However, Thielické noted that the Lutheran Church had been unsuccessful in maintaining an authentic, spiritual unity within its fellowship. He diagnosed this phenomenon as a product of Christians misunderstanding the Lutheran doctrine of the two kingdoms. Where Lutheranism traditionally taught that the spiritual realm and the physical realm represented two “kingdoms,” the modern Church had applied the doctrine existentially, treating the realm of the spirit as wholly separate from the realm of the world in everyday life. Thielické commented: “Thus the split, the dichotomy, the separate existence of the house of life and the house of doctrine side-by-side was even given theological sanction and the doctrine of the two kingdoms had to take the blame for being the cause of this dichotomy of the Christian life.”

Upon further investigation, Thielické found that this phenomenon contained a sort of Docetism, not of the ancient variety that attached itself to Christology, but one that worked its way into anthropology. Rather than the ancient Church’s error of presenting Christ as a spirit that only appeared to have a physical body, the modern Church made a similar error of presenting the Christian as essentially a spirit whose physical body was of little or no concern. Thielické explained that: “When we speak of ‘man’ in this nominalistic collective concept we speak of something that does not exist, just as when we speak of ‘God’ in a general way.” When this message goes out from the pulpit to the “real” person sitting in the pew he or she remains unaffected because, writes Thielické, “He is incapable of performing the task here imposed upon him of subsuming himself as an individual case under this general category.”

For the Church to regain its vital communion, anthropomorphic Docetism must be dealt with. Thielické suggested that, “The disaster of Docetism has arisen from the fact that we leap from the text into the sermon without having traversed the field of ethics.” By “ethics,” he means the Christian categories of reality; of “man’s-being-in-the-world.” For him, it is the preacher who must correct this by becoming what he/she preaches. Thielické, pulling a page out of Kierkegaard, said: “As long as we have not conquered the ‘Sickness unto Death,’ which is seated in our unconvincing Christian existence and nowhere else, all secondary remedies are meaningless and restricted to very innocuous symptom-therapy.”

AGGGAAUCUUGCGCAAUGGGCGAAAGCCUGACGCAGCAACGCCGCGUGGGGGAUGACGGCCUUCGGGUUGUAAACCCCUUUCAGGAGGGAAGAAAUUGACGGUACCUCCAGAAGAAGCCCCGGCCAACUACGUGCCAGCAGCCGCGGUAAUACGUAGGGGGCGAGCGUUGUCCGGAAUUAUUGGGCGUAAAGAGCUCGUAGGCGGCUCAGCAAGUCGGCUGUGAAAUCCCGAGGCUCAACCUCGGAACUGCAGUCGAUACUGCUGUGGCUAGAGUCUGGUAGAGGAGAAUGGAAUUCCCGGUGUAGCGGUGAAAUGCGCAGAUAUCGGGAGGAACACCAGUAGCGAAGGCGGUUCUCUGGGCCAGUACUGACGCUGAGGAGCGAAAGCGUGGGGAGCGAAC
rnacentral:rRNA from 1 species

By focusing on the existential realities of the Christian life, Thielické defined the Church as: “those who have recognized that being a Christian means two things: to be accepted by God and at the same time to receive a commission. A church of do-nothings is unthinkable for the Bible.” The Church as an accepted and commissioned people, in Thielické’s thought, brings the context of the Church back to its biblical and historical roots. He pushed this idea even into the realm of the two foundational sacraments, saying: “The Lord’s Supper is not a cultic act, some sort of ‘high point of the worship service’ or communion of the ‘nucleus of the congregation.’” But rather, he continues:

It should still be today what it was originally, namely, a strengthening for our departure, when we must go out again to the battle and the work and the testing … That is no cultic celebration; it is the assurance that the Lord remains with us when the worship comes to an end and when the world of the deadline, the telephone, and the motor surrounds us with its curtains of noise.

He pictures the Church as that which serves the believer in order to send him or her out into the world. Thielické considered the following as his thesis on ecclesiology: “The church is never an end in itself … we are not Christians so that there can be a church; there is a church so that we can be Christians.” In many ways, one can detect the influence of Kierkegaard in Thielické’s criticism of the Church, but, as in Kierkegaard’s case, he made a point to note that his criticism: “comes not from indignation but from a suffering love for it.”


Helmut Thielické, The Freedom of the Christian Man, trans. John W. Doberstein (Grand Rapids: Baker Book House, 1963).

Helmut Thielické, Nihilism: Its origin and Nature—with a Christian Answer, trans. John W. Doberstein (New York: Harper and Row, 1961).

Jean-Paul Sartre, No Exit: A Play in One Act, (New York: Samuel French, 1958), 24;quoted in HelmutThielické, Nihilism, 171.

Helmut Thielické, I believe: The Christian Creed, trans. John W. Doberstein and H. George Anderson (Philadelphia: Fortress Press, 1968).

Helmut Thielické, The Trouble with the Church, trans. John W. Doberstein (New York: Harper and Row, 1965).

Helmut Thielické, The Faith Letters: Thielické, trans. Douglas Crow (Waco, TX: Word Book, 1978).